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The author is an analyst of KB Securities. He can be reached at cygun101@kbfg.com. — Ed.      

Mid-/long-term shareholder return policy proportionate to CET1 ratio level

— HFG posted 2022 consolidated NP (attributable to controlling interests) of KRW3.6tn (+2.8% YoY).

— NII rose 20.0% YoY with growth in both KRW-based loans (+6.7% YoY) and NIM (+21bps). However, non-interest income fell 20.6% on a drop in fee income (real estate project financing) and reflection of both non-monetary FX losses (unfavorable FX rates) and losses on valuation of marketable securities. Loan loss provisions rose 109.1% YoY (+KRW580.9bn).

— HFG announced its mid-term capital policy at its earnings conference call:

(1) At a CET1 ratio ranging from 13.0% to 13.5%, half of capital responsible for a YoY increase in the ratio will go to shareholder return. If the CET1 ratio exceeds 13.5%, all excess capital will go to shareholder return.

(2) The mid-/long-term target for shareholder return ratio is set at 50%; HFG plans to gradually increase DPS and engage in share buybacks/retirements to compensate for earnings fluctuations.

(3) Quarterly dividends will be introduced.

— A capital ratio increase will be driven by current year profits and RWA growth. For example, 10% ROE and 4% RWA growth would result in +0.7pp in CET1 ratio; in such a case, capital accounting for 50% of a CET1 increase (or +0.35pp in CET1 ratio) will raise shareholder return to 30%.

— The 4Q22 CET1 ratio was 13.15% and 2022 dividend payout ratio was 27% (KRW800 interim DPS; KRW2,550 year-end DPS).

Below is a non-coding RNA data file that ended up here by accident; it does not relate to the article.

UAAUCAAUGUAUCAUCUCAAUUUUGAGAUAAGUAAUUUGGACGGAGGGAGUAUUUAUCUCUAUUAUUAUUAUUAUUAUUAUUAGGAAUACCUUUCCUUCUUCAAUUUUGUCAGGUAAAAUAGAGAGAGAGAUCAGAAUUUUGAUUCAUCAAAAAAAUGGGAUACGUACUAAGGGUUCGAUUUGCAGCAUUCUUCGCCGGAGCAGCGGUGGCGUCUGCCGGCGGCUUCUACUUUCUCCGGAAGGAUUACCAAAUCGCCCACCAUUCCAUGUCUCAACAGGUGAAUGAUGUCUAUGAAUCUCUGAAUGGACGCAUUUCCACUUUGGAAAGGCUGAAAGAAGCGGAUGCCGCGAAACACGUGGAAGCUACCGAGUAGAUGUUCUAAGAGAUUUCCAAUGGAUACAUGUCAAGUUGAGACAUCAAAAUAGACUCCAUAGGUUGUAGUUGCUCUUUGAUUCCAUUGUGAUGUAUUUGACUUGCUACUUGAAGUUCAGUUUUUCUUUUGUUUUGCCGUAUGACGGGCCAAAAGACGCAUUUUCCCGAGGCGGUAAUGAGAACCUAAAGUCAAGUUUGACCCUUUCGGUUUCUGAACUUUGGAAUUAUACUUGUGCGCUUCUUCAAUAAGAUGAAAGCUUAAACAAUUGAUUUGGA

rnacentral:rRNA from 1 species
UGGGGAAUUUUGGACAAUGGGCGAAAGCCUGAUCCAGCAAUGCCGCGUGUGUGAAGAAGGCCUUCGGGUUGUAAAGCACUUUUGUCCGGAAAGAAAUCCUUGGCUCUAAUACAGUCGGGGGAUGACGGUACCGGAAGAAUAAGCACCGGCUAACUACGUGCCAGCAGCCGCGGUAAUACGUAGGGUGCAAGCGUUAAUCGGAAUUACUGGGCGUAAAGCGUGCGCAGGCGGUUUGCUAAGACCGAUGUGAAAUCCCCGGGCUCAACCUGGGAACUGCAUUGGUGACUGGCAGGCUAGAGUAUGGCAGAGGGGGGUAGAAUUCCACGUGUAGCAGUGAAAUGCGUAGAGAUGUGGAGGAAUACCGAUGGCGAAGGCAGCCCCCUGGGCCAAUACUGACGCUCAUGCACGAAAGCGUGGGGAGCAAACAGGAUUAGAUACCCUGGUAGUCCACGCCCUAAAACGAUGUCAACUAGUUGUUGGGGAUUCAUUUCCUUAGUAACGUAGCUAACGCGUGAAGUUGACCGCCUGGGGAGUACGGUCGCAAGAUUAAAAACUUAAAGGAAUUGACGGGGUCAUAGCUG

Conservative provisioning policy, relatively decent performance

— HFG posted 4Q22 consolidated NP (attributable to controlling interests) of KRW776.3bn (-8.1% YoY), falling 11.5% below the market consensus. The shortcoming was attributable to:

(1) additional provisioning of KRW247.2bn based on HFG’s economic outlook and

(2) KRW64.3bn in valuation losses for securities subsidiaries’ overseas alternative investment-related assets.

— We view the performance as relatively decent given that HFG’s banking subsidiaries saw:

(1) loan growth of 2.1% (corporate +4.6%; household -0.6%), higher than that of peers;

(2) NIM advance 12bps (7bps from early withdrawal of deposits), also higher than that of peers;

(3) KRW161.4bn in non-monetary FX gains amid favorable FX rates; and

(4) negative one-offs (e.g., conservative loss provisioning; valuation loss for marketable securities) that were not as significant as they were at other commercial banks.

— Group NII income rose 6.0% QoQ, while non-interest income increased 4.6% QoQ), with FX gains offsetting a decline in real estate PF-related commissions.

— 4Q22 CCR came in at 52bps, increasing the burden of loss provisioning by 33bp QoQ.

— NP by subsidiary, Banking posted KRW925.4bn (+48.4% YoY), Card KRW26.4bn (-48.7% YoY), Capital KRW45.3bn (-42.5% YoY) and Securities -KRW159.5bn (turn to red YoY). 

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